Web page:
Thursday, January 08, 2015


Some good books here! I'm reading a biography of film director, Geoge Cukor (that's him, above). It's a library book but I'm considering buying a copy of my own just so I can underline's that good! The book is just brimming with practical information about how he did what he did.

With a couple of well-known exceptions Cukor got along remarkably well with his producers and writers. That's because he was only too happy to take their advice, and why not? Those guys were interested in plots, Cukor was interested in performances. He believed it was his job to maximize a good actor's charisma, to see that it got into every frame of every shot.

According to the book he was gay, but he turned that to his advantage. Being secretly that way prompted him to perceive his screen characters as outsiders like himself. He got good at making us sympathize with their attempts to fit in. If the script wasn't written that way he'd subtly add it in the handling. An interesting technique, eh?

Another book I've started is Ann Radcliffe's 1790 Gothic novel, "The Mistress of Udolpho" (above). It's full of castles and sepulchres, trap doors, sealed rooms and underground passages lit by torches. What do you think of this sample.....

"From Beaujeu the road had constantly ascended, conducting the travelers into the higher regions of the air, where immense glaciers exhibited their frozen horrors. Around on every side far as the eye could penetrate, were seen only forms of grandeur...the long perspective of mountaintops, tinged with ethereal blue, or white with snow, valleys of ice and forests of gloomy fir."

And this:

"...the waxen figure of a woman, made by her lover who had found her dead and buried upon his return...a lizard is sucking her mouth, a worm is creeping out of one of her cheeks, a mouse is gnawing one of her ears, and a huge swollen toad on her forehead is preying on one of her eyes." 

You don't have to buy it; the book is free on Project Gutenberg. I warn you though, the prose can be frustratingly dense and old-fashioned. It's strange to think that this book with all it's novelties and ghosts was popular in George Washington's time. The British soldiers who fought at Yorktown might have read similar books in their tents at night. Come to think of it, maybe the Americans did too.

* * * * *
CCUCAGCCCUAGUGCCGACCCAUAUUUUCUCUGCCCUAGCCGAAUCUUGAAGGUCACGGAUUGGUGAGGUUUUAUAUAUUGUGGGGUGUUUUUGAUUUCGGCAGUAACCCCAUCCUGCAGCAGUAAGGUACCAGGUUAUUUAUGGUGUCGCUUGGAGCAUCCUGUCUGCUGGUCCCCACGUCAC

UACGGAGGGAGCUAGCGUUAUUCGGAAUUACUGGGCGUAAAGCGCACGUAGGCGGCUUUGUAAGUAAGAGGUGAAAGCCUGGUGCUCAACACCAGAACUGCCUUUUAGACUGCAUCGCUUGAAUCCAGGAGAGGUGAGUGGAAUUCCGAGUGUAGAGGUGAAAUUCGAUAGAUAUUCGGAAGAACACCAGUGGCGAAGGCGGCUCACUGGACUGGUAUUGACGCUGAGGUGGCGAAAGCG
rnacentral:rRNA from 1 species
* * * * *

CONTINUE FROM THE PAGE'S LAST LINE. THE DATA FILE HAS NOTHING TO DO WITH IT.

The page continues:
The last thing I have to recommend is a Jon Favreau film called "Chef." It's about a chef who tires of working for other people and sets off on his own. It's a wonderful tribute to every small businessman who's ever rolled up his sleeves and taken the plunge.

The film is rated "R," which is too bad because it glorifies hard work. That's something every kid needs to see.


Unknown said...

Hey Eddie. I think you and Joshua would be really interested in reading this post. It's a great supplement to the article you posted the other day.

I read this post before myself but I just remembered it now. There unfortunately is a lot of bias still against older forms of jazz in the big magazines and stuff and it does seem that hot jazz and swing really get most people that listen to it energized as opposed to the more artsy content that came later, which as I said before I still really love on its own.

Anyway, I'm quite appalled by the news of the cartoonists getting killed over drawing Muhammad in a magazine. It's just more evidence to me of how sick people are just using their religion to justify bigotry, hatred, and discrimination towards others and a big reason why I became an atheist last year. It makes me sick to my stomach.

Eddie Fitzgerald said...

Roberto: I know how you feel but it's worth noting that there's such a thing as aetheist fundamentalsm, too. Some aetheists have a simplistic view of history which portrays all Christians as torturers and witch burners and who would bulldoze beautiful old cathedrals to make room for parking lots.

Unknown said...

I haven't heard of the term atheist fundamentalism, but I have heard of a brand of atheism called millitant atheism that sounds a lot like what you're describing. I have personally no problem with people if they want to believe in a certain kind of religion as long as they're not trying to use it to justify committing heinous acts or if they don't try to use legislation to force their ideals onto others.

You've reminded me of this video from someone I watched who ranted against this kind of atheism.

Rodolfo said...

Mo says, "100 lashes if you don't die of laughter".

Eddie Fitzgerald said...

Rodolpho: Thanks! Geez, for that all those people were killed?